Packet Rat: For this superpower battle, sit back, relax'and keep your head down

The Rat

Michael J. Bechetti

Once upon a time, a Silicon Valley start-up company created some software that changed the Internet. It had lots of money, some heavy-duty adult supervision, and a strategy to make the desktop operating system obsolete. This, obviously, got Microsoft very upset. And a veritable war began between the upstarts and the Redmond Hegemony.

The year was 1997. Or 2005. Take your pick. Because history is repeating itself as Google attempts to achieve what Netscape could not. And the Rat is again doing his best to stay out of the way.

The latest reports from the Rat's intelligence agents seem to indicate that the Google-Microsoft War is escalating rapidly. So far, Microsoft has staged an interesting response to Google's advances'including lawsuits (over Google's snatching of Microsoft vice president Kai-Fu Lee) and reorganizations. But the cyberrodent is sure there's more going on behind the shuffling of the deck chairs on the SS Gates.

'Mark my words,' the wirebiter warned his colleagues as he downloaded another cup of coffee.
'Steve Ballmer is building a secret army right now somewhere in the hills above Mountain View.'

'When billionaires battle,' he rambled on, 'it's best to find someplace else to play. We can just plan on sitting on our current Internet and desktop software investments until one of them gets their air supply cut off.'

No, Microsoft CEO Steve Ballmer and Google CEO Eric Schmidt won't be fighting it out underwater, ripping off each other's masks like in some climactic Bond movie submarine battle. But let's just say there's a lot more going on than some lawsuit over Google stealing away Microsoft's R&D people.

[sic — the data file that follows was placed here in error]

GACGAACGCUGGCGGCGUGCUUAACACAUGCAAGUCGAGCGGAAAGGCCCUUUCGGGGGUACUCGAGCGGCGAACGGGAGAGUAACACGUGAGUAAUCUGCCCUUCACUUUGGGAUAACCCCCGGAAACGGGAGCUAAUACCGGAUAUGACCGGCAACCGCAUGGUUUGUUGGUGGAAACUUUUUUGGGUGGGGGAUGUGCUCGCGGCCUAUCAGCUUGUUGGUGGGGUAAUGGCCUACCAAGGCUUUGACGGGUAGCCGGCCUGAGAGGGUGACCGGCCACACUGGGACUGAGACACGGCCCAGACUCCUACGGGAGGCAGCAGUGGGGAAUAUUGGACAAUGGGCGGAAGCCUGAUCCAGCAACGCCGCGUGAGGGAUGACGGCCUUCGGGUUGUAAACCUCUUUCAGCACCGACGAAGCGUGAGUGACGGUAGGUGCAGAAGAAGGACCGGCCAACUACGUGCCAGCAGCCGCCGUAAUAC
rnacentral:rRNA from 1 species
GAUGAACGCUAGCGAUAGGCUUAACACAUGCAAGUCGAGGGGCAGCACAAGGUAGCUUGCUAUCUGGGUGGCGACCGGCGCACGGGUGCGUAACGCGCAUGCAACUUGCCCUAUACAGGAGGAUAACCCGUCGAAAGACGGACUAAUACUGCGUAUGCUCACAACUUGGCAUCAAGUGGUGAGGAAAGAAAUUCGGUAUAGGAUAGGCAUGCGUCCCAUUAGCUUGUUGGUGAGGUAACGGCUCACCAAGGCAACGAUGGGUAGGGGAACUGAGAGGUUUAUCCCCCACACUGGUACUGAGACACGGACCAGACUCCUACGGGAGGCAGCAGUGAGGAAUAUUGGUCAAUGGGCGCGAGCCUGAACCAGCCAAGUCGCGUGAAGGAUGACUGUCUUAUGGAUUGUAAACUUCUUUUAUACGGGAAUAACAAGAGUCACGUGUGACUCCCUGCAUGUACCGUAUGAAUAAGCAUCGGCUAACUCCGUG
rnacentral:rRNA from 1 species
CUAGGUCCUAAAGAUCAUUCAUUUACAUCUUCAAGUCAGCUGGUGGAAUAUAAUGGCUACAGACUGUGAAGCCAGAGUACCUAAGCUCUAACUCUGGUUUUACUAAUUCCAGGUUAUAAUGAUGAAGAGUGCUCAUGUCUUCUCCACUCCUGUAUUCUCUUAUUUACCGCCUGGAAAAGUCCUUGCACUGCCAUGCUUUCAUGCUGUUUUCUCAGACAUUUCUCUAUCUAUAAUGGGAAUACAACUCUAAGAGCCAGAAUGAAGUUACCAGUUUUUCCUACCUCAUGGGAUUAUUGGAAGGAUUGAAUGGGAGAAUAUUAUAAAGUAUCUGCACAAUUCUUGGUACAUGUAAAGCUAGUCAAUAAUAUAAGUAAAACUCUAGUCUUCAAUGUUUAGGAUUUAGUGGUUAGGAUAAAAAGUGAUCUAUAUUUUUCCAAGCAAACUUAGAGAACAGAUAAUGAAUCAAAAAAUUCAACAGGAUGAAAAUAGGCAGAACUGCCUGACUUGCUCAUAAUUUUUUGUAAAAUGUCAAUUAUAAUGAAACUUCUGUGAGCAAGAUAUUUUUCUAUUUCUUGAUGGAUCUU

'I bet Larry Page is getting ready to Google-bomb Redmond so bad that everybody looking for directions to the Microsoft campus will end up in Idaho,' the Rat mused, referring to Google's co-founder.

Not that the whiskered one gets no thrill out of watching the second Clash of the Internet Titans installment. It's just that he can't see any reason to get behind either one of the combatants. Because, let's face it'while Google may be following in the path of Netscape, Google is no Netscape.

'I met Marc Andreesen,' said the Rat. 'Marc Andreesen is pretty darn tall. Sergey Brin [Google's other co-founder] is no Marc Andreesen'at least if you're playing pick-up basketball.'

For one thing, Google is making a boatload of money. While Netscape certainly started off looking good, it could never claim anywhere near the annual sales numbers of the searchmeisters at Google.

Netscape was also primarily a network plumbing company. Google has gone way beyond being just Web infrastructure and is now looking to take the battle into Microsoft's own back yard with Web-based automation software.

The Google-Sun Microsystems joint press conference in early October was an incredible non-event event in terms of what was actually announced. But it soon became clear that Google is planning to use OpenOffice as the basis for something that is already making every white hair left on Jim Allchin's head stand on end.

But the furry one has his suspicions about the impending, recently announced retirement of Allchin, Microsoft's Windows development chief. 'Che Guevara 'retired' just before he went off in disguise to try to start a guerrilla war in Bolivia. I wouldn't be surprised if Allchin showed up in a few months at Google disguised as Kai-Fu Lee.'

The Packet Rat once managed networks but now spends his time ferreting out bad packets in cyberspace. E-mail him at rat@postnewsweektech.com.

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